12. Beer w/Straw Transcendental Ignorance! Valued Senior Member

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    Not all men are criminal.

    (Ted Bundy)
     
  13. billvon Valued Senior Member

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    Uh - agreed - but where has anyone said that?
     
  14. wellwisher Banned Banned

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    Why is it when women make sexist stereo types about men, this is not called sexists? Men love women, but men notice how some women play the dual standard game and fight for fairness against corrupt thinking.

    Want to hear the best argument for why equal pay of women is highly deceptive and should be expected from those who use the dual standard?

    Say we had two people working in a factory on the same assembly line. According to the mantra, there should be equal pay for equal work. This sounds reasonable, since the jobs are very similar. However, say one of the two people has ten years of experience, and the other person is a newbie, should they get the same pay for the same job? The answer is usually no, due to a thing common to unions called seniority.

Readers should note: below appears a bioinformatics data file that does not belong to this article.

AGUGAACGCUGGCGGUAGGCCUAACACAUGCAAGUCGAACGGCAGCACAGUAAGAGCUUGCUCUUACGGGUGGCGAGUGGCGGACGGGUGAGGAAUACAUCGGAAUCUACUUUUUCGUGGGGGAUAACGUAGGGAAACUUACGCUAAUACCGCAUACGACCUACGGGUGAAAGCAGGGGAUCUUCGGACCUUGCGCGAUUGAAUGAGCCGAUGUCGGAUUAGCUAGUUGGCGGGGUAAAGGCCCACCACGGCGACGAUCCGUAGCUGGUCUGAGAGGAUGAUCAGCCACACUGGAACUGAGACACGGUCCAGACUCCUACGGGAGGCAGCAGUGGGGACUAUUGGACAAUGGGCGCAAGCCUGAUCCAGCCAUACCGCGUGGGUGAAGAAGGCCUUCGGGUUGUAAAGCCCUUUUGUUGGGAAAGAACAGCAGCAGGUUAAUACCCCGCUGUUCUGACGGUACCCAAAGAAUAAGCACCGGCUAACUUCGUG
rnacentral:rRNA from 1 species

Seniority means, even of you do the same job, you have worked longer and therefore will have a better chance of dealing with any out of the ordinary events, due to more experience; say the machine breaks? It also means you have earned money for your employer over a longer period of time Say he bills you at $50/hour that means you have earned him over 1 Million dollars and out of gratitude he will give you a higher pay; profit share.

    The data does say women are paid less for similar jobs, but the data also says that men work longer hours. This means men, on the average have seniority and therefore have earned their employer more money for the same job.

    If this is not fair, you may need to tell the unions that their seniority policies conflict with feminism
     
  15. Beer w/Straw Transcendental Ignorance! Valued Senior Member

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    I did.
     
  16. Beer w/Straw Transcendental Ignorance! Valued Senior Member

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    • This is not an appropriate response
    Go fuck yourself.